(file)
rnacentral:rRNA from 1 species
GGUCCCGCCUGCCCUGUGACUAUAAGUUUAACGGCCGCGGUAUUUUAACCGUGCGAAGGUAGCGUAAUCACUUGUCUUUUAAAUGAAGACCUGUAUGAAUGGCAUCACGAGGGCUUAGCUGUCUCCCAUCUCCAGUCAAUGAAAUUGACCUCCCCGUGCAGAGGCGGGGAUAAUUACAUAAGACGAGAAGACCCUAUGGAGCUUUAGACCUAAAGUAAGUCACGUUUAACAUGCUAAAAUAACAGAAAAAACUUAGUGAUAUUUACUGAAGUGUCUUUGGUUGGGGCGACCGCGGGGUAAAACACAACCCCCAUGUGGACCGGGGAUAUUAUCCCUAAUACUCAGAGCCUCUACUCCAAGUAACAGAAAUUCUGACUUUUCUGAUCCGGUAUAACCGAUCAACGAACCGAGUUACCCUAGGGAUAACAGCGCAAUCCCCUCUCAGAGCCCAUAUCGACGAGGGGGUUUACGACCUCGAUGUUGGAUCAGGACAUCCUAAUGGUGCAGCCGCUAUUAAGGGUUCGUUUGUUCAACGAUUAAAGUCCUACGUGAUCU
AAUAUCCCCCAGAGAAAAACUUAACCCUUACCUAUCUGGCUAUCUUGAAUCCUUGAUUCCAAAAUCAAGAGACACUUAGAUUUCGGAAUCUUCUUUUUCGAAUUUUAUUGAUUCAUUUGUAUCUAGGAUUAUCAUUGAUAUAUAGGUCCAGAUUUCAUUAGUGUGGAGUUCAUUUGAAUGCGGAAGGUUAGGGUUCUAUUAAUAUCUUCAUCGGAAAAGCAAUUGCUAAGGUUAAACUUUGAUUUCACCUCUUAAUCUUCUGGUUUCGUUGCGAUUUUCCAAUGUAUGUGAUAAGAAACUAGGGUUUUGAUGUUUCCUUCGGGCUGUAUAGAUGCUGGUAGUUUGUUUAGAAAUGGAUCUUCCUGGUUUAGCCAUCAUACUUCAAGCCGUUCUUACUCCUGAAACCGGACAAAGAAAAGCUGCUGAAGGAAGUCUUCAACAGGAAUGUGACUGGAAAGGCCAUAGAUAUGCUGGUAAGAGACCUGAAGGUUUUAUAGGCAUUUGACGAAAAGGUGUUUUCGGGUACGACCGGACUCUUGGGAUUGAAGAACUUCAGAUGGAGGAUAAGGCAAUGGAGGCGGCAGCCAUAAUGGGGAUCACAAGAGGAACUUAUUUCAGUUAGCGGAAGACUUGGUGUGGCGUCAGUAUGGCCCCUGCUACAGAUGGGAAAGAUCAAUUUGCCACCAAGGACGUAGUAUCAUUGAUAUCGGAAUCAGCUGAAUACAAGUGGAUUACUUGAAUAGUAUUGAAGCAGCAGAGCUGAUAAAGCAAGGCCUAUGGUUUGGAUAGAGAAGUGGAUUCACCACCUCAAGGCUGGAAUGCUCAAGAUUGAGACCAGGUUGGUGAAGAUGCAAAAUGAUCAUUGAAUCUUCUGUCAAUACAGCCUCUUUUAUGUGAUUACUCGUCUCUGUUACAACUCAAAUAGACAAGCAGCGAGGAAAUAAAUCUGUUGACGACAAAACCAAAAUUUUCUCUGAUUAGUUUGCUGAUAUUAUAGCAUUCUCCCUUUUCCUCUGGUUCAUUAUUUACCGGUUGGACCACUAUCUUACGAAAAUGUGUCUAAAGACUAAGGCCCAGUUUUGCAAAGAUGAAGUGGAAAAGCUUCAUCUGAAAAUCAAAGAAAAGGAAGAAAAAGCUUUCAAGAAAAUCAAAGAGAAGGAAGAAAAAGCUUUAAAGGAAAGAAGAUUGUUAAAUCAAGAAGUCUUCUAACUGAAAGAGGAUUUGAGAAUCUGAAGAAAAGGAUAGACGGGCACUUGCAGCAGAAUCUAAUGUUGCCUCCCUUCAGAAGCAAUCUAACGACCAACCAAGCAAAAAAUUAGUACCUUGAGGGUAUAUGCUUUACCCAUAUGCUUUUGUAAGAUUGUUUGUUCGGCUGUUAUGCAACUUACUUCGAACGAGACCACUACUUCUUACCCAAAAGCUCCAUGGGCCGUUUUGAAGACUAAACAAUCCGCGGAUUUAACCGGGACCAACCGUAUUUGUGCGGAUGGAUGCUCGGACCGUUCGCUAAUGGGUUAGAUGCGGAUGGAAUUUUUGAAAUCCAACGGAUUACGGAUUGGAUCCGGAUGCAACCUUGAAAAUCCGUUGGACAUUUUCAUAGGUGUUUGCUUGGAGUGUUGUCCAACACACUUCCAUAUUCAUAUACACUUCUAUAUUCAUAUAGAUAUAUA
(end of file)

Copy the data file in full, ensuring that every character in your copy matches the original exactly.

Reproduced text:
rnacentral:rRNA from 1 species
GGUCCCGCCUGCCCUGUGACUAUAAGUUUAACGGCCGCGGUAUUUUAACCGUGCGAAGGUAGCGUAAUCACUUGUCUUUUAAAUGAAGACCUGUAUGAAUGGCAUCACGAGGGCUUAGCUGUCUCCCAUCUCCAGUCAAUGAAAUUGACCUCCCCGUGCAGAGGCGGGGAUAAUUACAUAAGACGAGAAGACCCUAUGGAGCUUUAGACCUAAAGUAAGUCACGUUUAACAUGCUAAAAUAACAGAAAAAACUUAGUGAUAUUUACUGAAGUGUCUUUGGUUGGGGCGACCGCGGGGUAAAACACAACCCCCAUGUGGACCGGGGAUAUUAUCCCUAAUACUCAGAGCCUCUACUCCAAGUAACAGAAAUUCUGACUUUUCUGAUCCGGUAUAACCGAUCAACGAACCGAGUUACCCUAGGGAUAACAGCGCAAUCCCCUCUCAGAGCCCAUAUCGACGAGGGGGUUUACGACCUCGAUGUUGGAUCAGGACAUCCUAAUGGUGCAGCCGCUAUUAAGGGUUCGUUUGUUCAACGAUUAAAGUCCUACGUGAUCU
AAUAUCCCCCAGAGAAAAACUUAACCCUUACCUAUCUGGCUAUCUUGAAUCCUUGAUUCCAAAAUCAAGAGACACUUAGAUUUCGGAAUCUUCUUUUUCGAAUUUUAUUGAUUCAUUUGUAUCUAGGAUUAUCAUUGAUAUAUAGGUCCAGAUUUCAUUAGUGUGGAGUUCAUUUGAAUGCGGAAGGUUAGGGUUCUAUUAAUAUCUUCAUCGGAAAAGCAAUUGCUAAGGUUAAACUUUGAUUUCACCUCUUAAUCUUCUGGUUUCGUUGCGAUUUUCCAAUGUAUGUGAUAAGAAACUAGGGUUUUGAUGUUUCCUUCGGGCUGUAUAGAUGCUGGUAGUUUGUUUAGAAAUGGAUCUUCCUGGUUUAGCCAUCAUACUUCAAGCCGUUCUUACUCCUGAAACCGGACAAAGAAAAGCUGCUGAAGGAAGUCUUCAACAGGAAUGUGACUGGAAAGGCCAUAGAUAUGCUGGUAAGAGACCUGAAGGUUUUAUAGGCAUUUGACGAAAAGGUGUUUUCGGGUACGACCGGACUCUUGGGAUUGAAGAACUUCAGAUGGAGGAUAAGGCAAUGGAGGCGGCAGCCAUAAUGGGGAUCACAAGAGGAACUUAUUUCAGUUAGCGGAAGACUUGGUGUGGCGUCAGUAUGGCCCCUGCUACAGAUGGGAAAGAUCAAUUUGCCACCAAGGACGUAGUAUCAUUGAUAUCGGAAUCAGCUGAAUACAAGUGGAUUACUUGAAUAGUAUUGAAGCAGCAGAGCUGAUAAAGCAAGGCCUAUGGUUUGGAUAGAGAAGUGGAUUCACCACCUCAAGGCUGGAAUGCUCAAGAUUGAGACCAGGUUGGUGAAGAUGCAAAAUGAUCAUUGAAUCUUCUGUCAAUACAGCCUCUUUUAUGUGAUUACUCGUCUCUGUUACAACUCAAAUAGACAAGCAGCGAGGAAAUAAAUCUGUUGACGACAAAACCAAAAUUUUCUCUGAUUAGUUUGCUGAUAUUAUAGCAUUCUCCCUUUUCCUCUGGUUCAUUAUUUACCGGUUGGACCACUAUCUUACGAAAAUGUGUCUAAAGACUAAGGCCCAGUUUUGCAAAGAUGAAGUGGAAAAGCUUCAUCUGAAAAUCAAAGAAAAGGAAGAAAAAGCUUUCAAGAAAAUCAAAGAGAAGGAAGAAAAAGCUUUAAAGGAAAGAAGAUUGUUAAAUCAAGAAGUCUUCUAACUGAAAGAGGAUUUGAGAAUCUGAAGAAAAGGAUAGACGGGCACUUGCAGCAGAAUCUAAUGUUGCCUCCCUUCAGAAGCAAUCUAACGACCAACCAAGCAAAAAAUUAGUACCUUGAGGGUAUAUGCUUUACCCAUAUGCUUUUGUAAGAUUGUUUGUUCGGCUGUUAUGCAACUUACUUCGAACGAGACCACUACUUCUUACCCAAAAGCUCCAUGGGCCGUUUUGAAGACUAAACAAUCCGCGGAUUUAACCGGGACCAACCGUAUUUGUGCGGAUGGAUGCUCGGACCGUUCGCUAAUGGGUUAGAUGCGGAUGGAAUUUUUGAAAUCCAACGGAUUACGGAUUGGAUCCGGAUGCAACCUUGAAAAUCCGUUGGACAUUUUCAUAGGUGUUUGCUUGGAGUGUUGUCCAACACACUUCCAUAUUCAUAUACACUUCUAUAUUCAUAUAGAUAUAUA